In all three types of publishing, the author has the onus to market the books.  Here is an anecdote from General Colin Powell, who was one of the speakers at a Navy Blue Coast Annual military trade show and convention (2007, Virginia Beach, VA) and he told this story:

Powell had signed a publishing contract to write a book (either “My American Journey” (https://amzn.to/2irWrQk; Ballentine Books or “In His Own Words: Colin Powell” https://amzn.to/2jQzz2c; Perigee Trade). He received a $1M advance on the book.  While he was in the publisher’s office, they pushed the advanced royalty check across the desk to him.  And then they asked, “What is your plan to market your book?”

He was dumbfounded and responded, “I thought you all did that?”

They responded, “Oh, no!  We print massive copies of the book and ensure they get into the stores, but marketing the book is up to you …”

So, General Colin Powell had to make plans to market his own book, hire a PR firm, set up a marketing schedule, including visiting bookstores, and advertise his book signings.

Authors of books are really the critical marketing point for sales – they must get out to speak, offer papers at conventions, get onto TV shows, send out emails to fellow academics to get the book on class reading lists, get the book into university and college student bookstores and libraries, and call up the local bookstores and book fairs to meet with readers and sell the books.  They can call up and/or email academic professors to encourage them to add the book to their student’s reading lists.

While traditional publishers funnel books into bookstores nationwide, who wants to wait two years before earning royalties?  Vanity presses ‘own’ the author’s work, and who wants to work that hard and long for someone else to own one’s productivity.  The Collaborative (Hybrid) publishers earn their services in advance, where the author has 100% control over the process while the editor and publisher provide professional advice and counsel at a reasonable price to the author.

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Publishing Options

My publishing services offer what is called Hybrid Publishing to new authors. This is, in my humble opinion, the best option for an author who wants to get a quality-written book (professionally edited and designed) out in a public venue. Read more below for the definition and choices you have as an author.

I want to provide a little bit of education for the types of publishing available for authors.  There are four options for authors to get published:

  1. Traditional publishers – with the authors needing to find and hire a representative to shop the book to the traditional publishers, in a process that could take years.  Once a traditional publisher shows interest in the manuscript, the editing, formatting, cover design, and move to print then distribution could take several years. Authors may obtain an advance on the book, against which any royalties are applied – the publishing houses are taking the financial risk that the book will sell.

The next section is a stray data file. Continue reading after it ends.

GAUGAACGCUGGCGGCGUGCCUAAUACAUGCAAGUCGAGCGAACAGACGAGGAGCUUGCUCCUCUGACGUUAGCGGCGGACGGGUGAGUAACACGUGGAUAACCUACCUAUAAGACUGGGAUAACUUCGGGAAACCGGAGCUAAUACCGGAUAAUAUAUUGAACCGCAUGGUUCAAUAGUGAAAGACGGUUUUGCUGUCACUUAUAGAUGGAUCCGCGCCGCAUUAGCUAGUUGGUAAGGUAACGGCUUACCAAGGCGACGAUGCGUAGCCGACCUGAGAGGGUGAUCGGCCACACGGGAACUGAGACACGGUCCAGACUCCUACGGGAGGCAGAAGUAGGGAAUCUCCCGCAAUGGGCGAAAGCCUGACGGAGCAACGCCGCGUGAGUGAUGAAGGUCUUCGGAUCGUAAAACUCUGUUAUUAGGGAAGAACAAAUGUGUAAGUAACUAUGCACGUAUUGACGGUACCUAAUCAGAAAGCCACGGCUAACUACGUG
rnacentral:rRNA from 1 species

• The largest publishing houses in the USA are: Penguin Random House, HarperCollins, Hachette, Simon & Schuster, and Macmillan; mid-size to smaller publishing houses are Houghton-Mifflin, Scholastic, Workman, Sourcebooks, Wiley & Sons, W.W. Norton, Kensington, Chronicle, Tyndale; university presses are Cambridge, University of Chicago; smaller publishing companies examples are Graywolf, Forest Avenue, and Belt Publishing
    • The publishing house sales reps meet with retailers to sell to stores, books are purchased in advance, then a release date set for the books to be put on shelves
    • Authors sought by traditional publishers are: 1) writers on mainstream topics with popular interest (e.g., Rush Limbaugh), 2) celebrity-status or brand-name authors, 3) Genre fiction writers – women, youth, commercial fiction, or 4) non-fiction writers with a huge fan-base or platform
    • Publishers retain publishing rights (usually five years), subsidiary rights and licensing (movies, merchandise), distribution of books to retail stores, increased visibility to media and press
    • Authors do not have control over their book covers or design
    • Authors do not receive much, if any, marketing assistance – this is on their nickel and clock
  • Vanity Presses – these businesses call themselves publishing houses, but they are more services to get the books to the market with the author paying the publisher for the services – ranging between $4K-$10K in advance. 
    • Authors fund the manuscript’s publication in exchange for assistance
    • Often retain the full copyright to the manuscript (not the author!)
    • Funnel royalties through their accounting then shares a royalty percentage with the author
    • Mandate the author purchases a minimum number of prints of the book (e.g., 1,000 copies), author’s wrap and mail to buyers (print-on-demand also performs this service)
    • Places the book on the print-on-demand market (e.g., Amazon, Barnes & Noble, as well as expanded distribution to retail stores and libraries via Lulu or Ingram Sparks publishing companies) but do not offer specific marketing assistance to the author